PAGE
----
Which of these hymns to you like best? What is your favorite hymn?

Very Truly Your's,

10 comments:

Elizabeth said...

Be Thou My Vision is one of my favorite hymns!! :)

Anonymous said...

Beautiful post! I really enjoyed it. Morning has Broken and Christ Be Beside Me are the two hymns I liked the best from this posting. The pictures of the different churches really add to the beauty of you post. Thanks again for working so hard to share these wonderful old hymns with us. God bless you. - Mom

Matthew said...

Came across this while looking up Irish hymns....

"Savior of the World" (sometimes referred to as "I Cannot Tell") has become one of my favorite hymns. There are a few Irish hymns in the Joan Pinkston-edited hymnal Hymns of Grace and Glory, another of which is "How Sweet and Awe-ful Is This Place" ("awe" as in awe-inspiring, awesome, etc.); it is sung to the same St. Columba tune as the Henry Baker version of Psalm 23 (The King of Love My Shepherd Is).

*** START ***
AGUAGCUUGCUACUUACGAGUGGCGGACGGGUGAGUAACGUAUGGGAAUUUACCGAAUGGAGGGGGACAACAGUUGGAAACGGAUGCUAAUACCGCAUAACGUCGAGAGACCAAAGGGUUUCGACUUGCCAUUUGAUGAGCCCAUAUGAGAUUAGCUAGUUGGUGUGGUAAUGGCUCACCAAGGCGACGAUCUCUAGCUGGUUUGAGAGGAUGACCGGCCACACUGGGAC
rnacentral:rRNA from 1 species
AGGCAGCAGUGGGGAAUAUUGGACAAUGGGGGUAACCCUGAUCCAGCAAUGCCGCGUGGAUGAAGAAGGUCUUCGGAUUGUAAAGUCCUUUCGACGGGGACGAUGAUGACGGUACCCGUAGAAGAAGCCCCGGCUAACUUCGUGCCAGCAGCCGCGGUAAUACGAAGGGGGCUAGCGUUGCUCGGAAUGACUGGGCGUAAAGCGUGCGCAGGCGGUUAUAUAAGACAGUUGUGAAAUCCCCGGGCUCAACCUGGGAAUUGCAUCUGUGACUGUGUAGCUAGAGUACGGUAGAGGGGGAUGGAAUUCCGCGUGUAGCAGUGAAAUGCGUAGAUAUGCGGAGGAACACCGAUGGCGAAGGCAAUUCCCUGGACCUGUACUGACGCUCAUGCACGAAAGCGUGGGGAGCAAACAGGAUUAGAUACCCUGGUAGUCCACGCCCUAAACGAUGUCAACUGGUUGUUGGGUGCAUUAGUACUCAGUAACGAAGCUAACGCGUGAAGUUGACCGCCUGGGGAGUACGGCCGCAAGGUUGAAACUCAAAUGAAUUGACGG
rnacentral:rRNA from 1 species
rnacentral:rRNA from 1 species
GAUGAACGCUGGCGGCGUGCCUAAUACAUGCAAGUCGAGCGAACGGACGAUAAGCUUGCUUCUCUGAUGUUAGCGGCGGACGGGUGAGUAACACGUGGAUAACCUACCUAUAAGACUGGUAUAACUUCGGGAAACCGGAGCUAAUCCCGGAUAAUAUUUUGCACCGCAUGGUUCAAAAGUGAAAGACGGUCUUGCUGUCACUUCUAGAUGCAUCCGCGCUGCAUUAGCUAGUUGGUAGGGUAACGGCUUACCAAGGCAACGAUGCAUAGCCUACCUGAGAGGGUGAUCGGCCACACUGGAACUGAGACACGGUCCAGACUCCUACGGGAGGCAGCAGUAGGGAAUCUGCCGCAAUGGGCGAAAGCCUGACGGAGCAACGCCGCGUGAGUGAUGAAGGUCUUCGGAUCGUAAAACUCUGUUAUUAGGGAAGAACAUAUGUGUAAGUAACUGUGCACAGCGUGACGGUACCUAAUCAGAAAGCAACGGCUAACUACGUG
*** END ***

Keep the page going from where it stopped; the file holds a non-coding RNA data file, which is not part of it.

Miss Laurie said...

Matthew, thank you for mentioning these lovely hymns. I hadn't heard of them before. "I Cannot Tell" reminds me of the lyrics by Dottie Rambo, "He Looked Beyond My Faults" which is sung to the same Londonderry melody.
Thank you for stopping by my blog!

God Bless,
Miss Laurie

dona said...

I'm connecting with a friend who had never heard Be Thou My Vision before, and she loves Irish music. I hope to record you other suggestions, as they are each lovely. Thank you.
dona from Indy

Kate said...

Come Thou Fount is a personal favorite. Thanks for this post!

Tom said...

"Christ Be Near At Either Hand" which is based on the Lorica. It's an Irish folk song set to the tune GARTEN 77 77, thematically similar to Christ Be Beside Me.

Catherine Brennan said...

Criost An Siol has to be the most beautiful Irish hymn as Gaeilge there is! Simple yet incredibly moving :-)

Layla said...

Hello!
I love Be Thou My Vision, it is a beautiful hymn. I recently learned how to playing on guitar, and it is my favorite to play yet! Thank you for sharing!
Blessings,
Layla

twoblesseddamsels.blogspot.com

Anonymous said...

What an interesting blog ! Thank you very much and for the hymns I have heard some but the best are be thou my vision and morning has broken o love them .thank you very much .